Recently, two studies have examined the effect of distractor frequency on emotional interference, albeit with mixed results. In a study by Grimshaw, Kranz, Carmel, Moody, and Devue (2018), participants were engaged in a primary task while distracting images appeared simultaneously in task-irrelevant spatial positions. The valence of distractors was blocked so that participants were exposed to either emotional or neutral distractors in each given context; distractor frequency was varied in a between-participant design, with half of the participants exposed to distractors in infrequent trials (25%) and half exposed to distractors in frequent trials (75%). Findings indicated that the interference effect of emotional stimuli was present when distractors were rarely presented but disappeared when those distractors were frequent. Different results were observed using a variant of the attentional blink paradigm in which emotional images interrupt processing of a subsequent target image—an effect called “emotion-induced blindness” (Most, 2014). Zhao and Most (2019) found that, in a block where the target was preceded by an emotional distractor in most trials, and only rarely by neutral distractors, participants were as inaccurate as in a block in which emotional distractors were rare and neutral distractors appeared frequently. Thus, these results showed no effect of relative emotional distractor frequency in modulating emotional interference, when absolute distractor frequency was kept constant. One hypothesis put forward by the authors, also based on different results (Kennedy, Newman, & Most, 2018), takes into consideration the predictability of the valence of the occurring distractors when distractor content is manipulated within blocks, compared with across blocks. In Zhao and Most's (2019) study, emotional and neutral distractors were intermixed within the same block, making it impossible for the observers to predict the emotionality of the forthcoming distractor and therefore to shield themselves against emotional interference. According to this interpretation, when distractor content is manipulated across blocks, it should, however, be possible to reduce emotional interference, as the content of a distractor is constant and predictable within each block. Consistently, Grimshaw and collaborators (2018) found a reduction in the emotional interference in the high-frequency condition, within a paradigm in which each block contained only a certain type of distractor (pleasant, unpleasant, or neutral), and participants were also informed as to the frequency with which distractors would appear at the beginning of the experimental blocks.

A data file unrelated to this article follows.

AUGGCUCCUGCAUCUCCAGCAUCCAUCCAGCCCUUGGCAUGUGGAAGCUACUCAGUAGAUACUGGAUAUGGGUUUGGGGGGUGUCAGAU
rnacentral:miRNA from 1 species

Our findings, however, indicate that distractor frequency affects emotional interference even when the emotionality of the occurring distractor is unpredictable. Therefore, one possibility is that emotion-induced blindness, which relies more on temporal attention than on spatial attention as in the present paradigm, is less modulated by contextual factors, such as distractor frequency. We should also consider, however, that in Zhao and Most's (2019) study, the overall distractor frequency was kept constant across conditions and what varied was the relative frequency of emotional compared with neutral distractors. In this regard, the findings of Experiment 2, in which a clear frequency effect was observed despite the specific frequency of emotional distractors was kept constant across the low- and high-frequency blocks, suggest that a critical factor that may prompt efficient filtering is the overall frequency of distractors, rather than the specific frequency of emotional stimuli.